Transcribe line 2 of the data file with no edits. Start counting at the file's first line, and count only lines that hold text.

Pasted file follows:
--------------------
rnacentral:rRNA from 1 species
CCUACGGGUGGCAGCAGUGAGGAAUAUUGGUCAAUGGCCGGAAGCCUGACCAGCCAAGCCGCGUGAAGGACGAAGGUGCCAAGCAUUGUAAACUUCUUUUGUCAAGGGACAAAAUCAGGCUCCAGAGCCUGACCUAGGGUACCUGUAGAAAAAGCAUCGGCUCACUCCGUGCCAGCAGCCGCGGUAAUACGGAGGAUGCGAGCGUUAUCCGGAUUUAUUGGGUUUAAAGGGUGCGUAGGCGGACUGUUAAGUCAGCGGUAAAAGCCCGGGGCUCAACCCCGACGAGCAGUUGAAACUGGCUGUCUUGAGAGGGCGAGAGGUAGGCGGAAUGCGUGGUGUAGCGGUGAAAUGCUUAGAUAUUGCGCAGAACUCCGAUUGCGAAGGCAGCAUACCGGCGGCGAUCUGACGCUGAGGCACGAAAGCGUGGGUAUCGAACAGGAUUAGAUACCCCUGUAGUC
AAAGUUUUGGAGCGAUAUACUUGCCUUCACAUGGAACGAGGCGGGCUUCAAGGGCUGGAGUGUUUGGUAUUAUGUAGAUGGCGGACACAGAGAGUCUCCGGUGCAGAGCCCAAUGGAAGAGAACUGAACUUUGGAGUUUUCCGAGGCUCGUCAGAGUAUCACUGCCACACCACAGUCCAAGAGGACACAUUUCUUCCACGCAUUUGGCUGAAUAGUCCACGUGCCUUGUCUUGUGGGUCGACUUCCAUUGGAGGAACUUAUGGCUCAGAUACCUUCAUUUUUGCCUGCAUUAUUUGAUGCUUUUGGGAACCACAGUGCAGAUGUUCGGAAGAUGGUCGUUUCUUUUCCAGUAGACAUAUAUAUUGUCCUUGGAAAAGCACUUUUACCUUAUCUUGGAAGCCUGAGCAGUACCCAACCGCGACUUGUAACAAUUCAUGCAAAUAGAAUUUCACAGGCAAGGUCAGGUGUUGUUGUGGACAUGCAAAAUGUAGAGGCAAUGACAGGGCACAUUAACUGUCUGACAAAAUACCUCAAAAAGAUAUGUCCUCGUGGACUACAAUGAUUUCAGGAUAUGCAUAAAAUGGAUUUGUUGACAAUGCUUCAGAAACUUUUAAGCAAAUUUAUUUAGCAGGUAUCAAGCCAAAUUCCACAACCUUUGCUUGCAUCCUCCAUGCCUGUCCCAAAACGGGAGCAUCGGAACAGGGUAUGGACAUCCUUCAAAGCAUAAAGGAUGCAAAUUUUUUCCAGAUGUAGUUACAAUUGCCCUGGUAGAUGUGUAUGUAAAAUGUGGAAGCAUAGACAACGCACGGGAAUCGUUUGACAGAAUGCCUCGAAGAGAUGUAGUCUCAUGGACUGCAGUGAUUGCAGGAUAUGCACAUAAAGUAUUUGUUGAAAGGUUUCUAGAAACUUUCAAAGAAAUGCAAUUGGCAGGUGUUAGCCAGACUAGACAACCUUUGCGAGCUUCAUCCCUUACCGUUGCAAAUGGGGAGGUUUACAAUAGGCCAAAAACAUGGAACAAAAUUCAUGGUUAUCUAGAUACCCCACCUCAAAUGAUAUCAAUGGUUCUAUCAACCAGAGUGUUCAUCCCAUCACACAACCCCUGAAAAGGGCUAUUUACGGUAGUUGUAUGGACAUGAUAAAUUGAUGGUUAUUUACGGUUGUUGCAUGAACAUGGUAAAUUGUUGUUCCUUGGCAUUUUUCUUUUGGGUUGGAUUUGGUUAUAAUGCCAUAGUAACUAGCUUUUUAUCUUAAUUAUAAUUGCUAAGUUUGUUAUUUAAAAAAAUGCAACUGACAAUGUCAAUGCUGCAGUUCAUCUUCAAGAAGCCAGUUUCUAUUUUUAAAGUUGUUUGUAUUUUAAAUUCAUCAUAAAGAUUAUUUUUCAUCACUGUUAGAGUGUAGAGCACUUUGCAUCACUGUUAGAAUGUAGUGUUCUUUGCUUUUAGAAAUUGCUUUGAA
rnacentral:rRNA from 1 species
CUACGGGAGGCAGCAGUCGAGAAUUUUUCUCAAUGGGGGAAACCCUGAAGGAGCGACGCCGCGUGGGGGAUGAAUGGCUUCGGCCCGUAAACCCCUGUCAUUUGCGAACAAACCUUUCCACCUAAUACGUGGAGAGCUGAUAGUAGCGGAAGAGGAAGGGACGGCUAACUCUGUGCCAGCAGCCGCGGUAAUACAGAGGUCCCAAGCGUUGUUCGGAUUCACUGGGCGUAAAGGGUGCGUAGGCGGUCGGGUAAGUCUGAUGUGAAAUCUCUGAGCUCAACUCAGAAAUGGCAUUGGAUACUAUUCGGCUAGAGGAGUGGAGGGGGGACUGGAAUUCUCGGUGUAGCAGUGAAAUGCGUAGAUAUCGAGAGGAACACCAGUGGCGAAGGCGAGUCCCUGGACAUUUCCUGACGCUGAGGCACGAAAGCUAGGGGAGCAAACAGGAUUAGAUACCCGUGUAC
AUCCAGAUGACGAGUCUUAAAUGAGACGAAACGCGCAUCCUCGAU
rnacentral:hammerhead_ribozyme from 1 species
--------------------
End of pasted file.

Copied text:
CCUACGGGUGGCAGCAGUGAGGAAUAUUGGUCAAUGGCCGGAAGCCUGACCAGCCAAGCCGCGUGAAGGACGAAGGUGCCAAGCAUUGUAAACUUCUUUUGUCAAGGGACAAAAUCAGGCUCCAGAGCCUGACCUAGGGUACCUGUAGAAAAAGCAUCGGCUCACUCCGUGCCAGCAGCCGCGGUAAUACGGAGGAUGCGAGCGUUAUCCGGAUUUAUUGGGUUUAAAGGGUGCGUAGGCGGACUGUUAAGUCAGCGGUAAAAGCCCGGGGCUCAACCCCGACGAGCAGUUGAAACUGGCUGUCUUGAGAGGGCGAGAGGUAGGCGGAAUGCGUGGUGUAGCGGUGAAAUGCUUAGAUAUUGCGCAGAACUCCGAUUGCGAAGGCAGCAUACCGGCGGCGAUCUGACGCUGAGGCACGAAAGCGUGGGUAUCGAACAGGAUUAGAUACCCCUGUAGUC